Is Mixed Martial arts teaching me bad habits?
My story is this, okay so I was bareknuckle sparring with a co-worker tonight and the thing is he is untrained and I am tranined and I was teaching him stuff but okay here is where things start to seem funny, when we started fighting Everytime I threw a perfect punch he blocked every single last one of them despite never being trained to block it's like it was natural to him but when he threw punches at me I could barely block them or react to them or understand what he was throwing he only hit me twice and I only hit him once. So tell me is MMA teaching me bad fighting habits with my defensive reflexes or is MMA or any fighting art a joke and no one should train in any because after what happened tonight it's kind of making me doubt any fighting art out there and I really don't think they are effective in a Street fight.
- 2 years ago
I agree with Anonymous. Your coworker may be lying.
- Anonymous2 years ago
Next time take a sharp object with u
And stab him.
Because on the street that how it is.
No one will trade punches like that
- GongFuulLv 42 years ago
This tends to happen in sport oriented martial arts. You inadvertently trained yourself to expect and react to certain behaviours from your opponent who train the same style. Suddenly, you're faced with someone who does things unorthodox to you, and your body doesn't know how to react. I've seen it before with sports karate guys..... they tend to fight with their left side forward, so the odd time they encounter someone who fights with their right side forward it screws them up.
- KenshiroLv 52 years ago
Self defense and fighting in a combat sport are two different things. Most of the skills you learn in MMA are applicable to self defense. But there is a gap because of the focus on competition. How long have you been training? Have you fought at an amateur or professional level? How different are the two of you physically?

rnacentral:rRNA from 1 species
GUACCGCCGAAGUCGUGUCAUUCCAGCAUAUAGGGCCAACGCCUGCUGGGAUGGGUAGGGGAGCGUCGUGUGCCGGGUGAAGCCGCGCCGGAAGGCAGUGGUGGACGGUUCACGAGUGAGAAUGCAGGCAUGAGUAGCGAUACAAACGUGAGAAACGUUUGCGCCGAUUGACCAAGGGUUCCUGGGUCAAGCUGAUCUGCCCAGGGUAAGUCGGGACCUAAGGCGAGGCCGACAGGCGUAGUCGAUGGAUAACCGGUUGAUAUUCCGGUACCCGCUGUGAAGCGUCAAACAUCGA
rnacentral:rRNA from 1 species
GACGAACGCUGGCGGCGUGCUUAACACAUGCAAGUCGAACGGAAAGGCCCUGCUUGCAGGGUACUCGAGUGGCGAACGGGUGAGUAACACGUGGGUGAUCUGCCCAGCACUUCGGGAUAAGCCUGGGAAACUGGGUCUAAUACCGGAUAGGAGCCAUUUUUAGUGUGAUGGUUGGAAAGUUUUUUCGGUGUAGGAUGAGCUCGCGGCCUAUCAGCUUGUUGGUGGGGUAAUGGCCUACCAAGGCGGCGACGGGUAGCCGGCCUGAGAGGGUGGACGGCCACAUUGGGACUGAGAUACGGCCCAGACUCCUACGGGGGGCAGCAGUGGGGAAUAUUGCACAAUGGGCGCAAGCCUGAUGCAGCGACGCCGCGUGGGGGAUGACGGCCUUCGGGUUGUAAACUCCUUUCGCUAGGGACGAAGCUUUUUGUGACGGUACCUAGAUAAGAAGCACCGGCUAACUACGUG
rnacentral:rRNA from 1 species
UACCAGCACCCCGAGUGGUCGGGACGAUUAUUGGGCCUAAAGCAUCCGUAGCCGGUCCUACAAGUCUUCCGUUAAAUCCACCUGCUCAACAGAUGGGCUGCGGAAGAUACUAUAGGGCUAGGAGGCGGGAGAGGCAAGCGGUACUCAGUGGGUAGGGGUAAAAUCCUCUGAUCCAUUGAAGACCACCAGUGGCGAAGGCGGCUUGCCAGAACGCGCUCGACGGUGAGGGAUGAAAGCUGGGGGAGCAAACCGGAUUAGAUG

I don't know your skills, but you need to measure your own progress. Just because someone goes to train regularly doesn't mean they've gradually increased their skills over time. I have over four years of grappling experience, but I'm still a white belt. Part of that is inconsistent training due to life circumstances, but it's also because grappling is hard for me to learn.
Another thing to consider is that just because someone is untrained in technique doesn't mean they lack strength, power, reflexes, flexibility, and so on. One can't casually compare the skills someone may learn from another sport or fitness training, but most types of training have at least some benefit overall. Those things can carry over to other activities like combat sports even if the person is lacking in technique. We can logically assume a fighter punches harder than a powerlifter. But we shouldn't be clueless enough to think the latter has no power just because they lack technique. Most people can block and dodge punches without much training.
Training increases ones chances of success. It doesn't mean you'll beat everyone you encounter with less training especially if you aren't at an advanced level.
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- ToddLv 72 years ago
You talked about trading punches. That's not MMA. In fact, that's not a martial art. It's easy to dodge or block a punch for anyone that has good reflexes. Next time you spar with him, try taking him to the ground as one option. MMA doesn't really follow boxing rules.
- Tengu BakemonoLv 62 years ago
I wish i could help you, but I'm really perplexed, flabbergasted and dumbfounded with your question.
- Anonymous2 years ago
Maybe your coworker understated his abilities to you and suckered you.
- 2 years ago
It sounds more like your partner is a natural talent and/or you are a great instructor.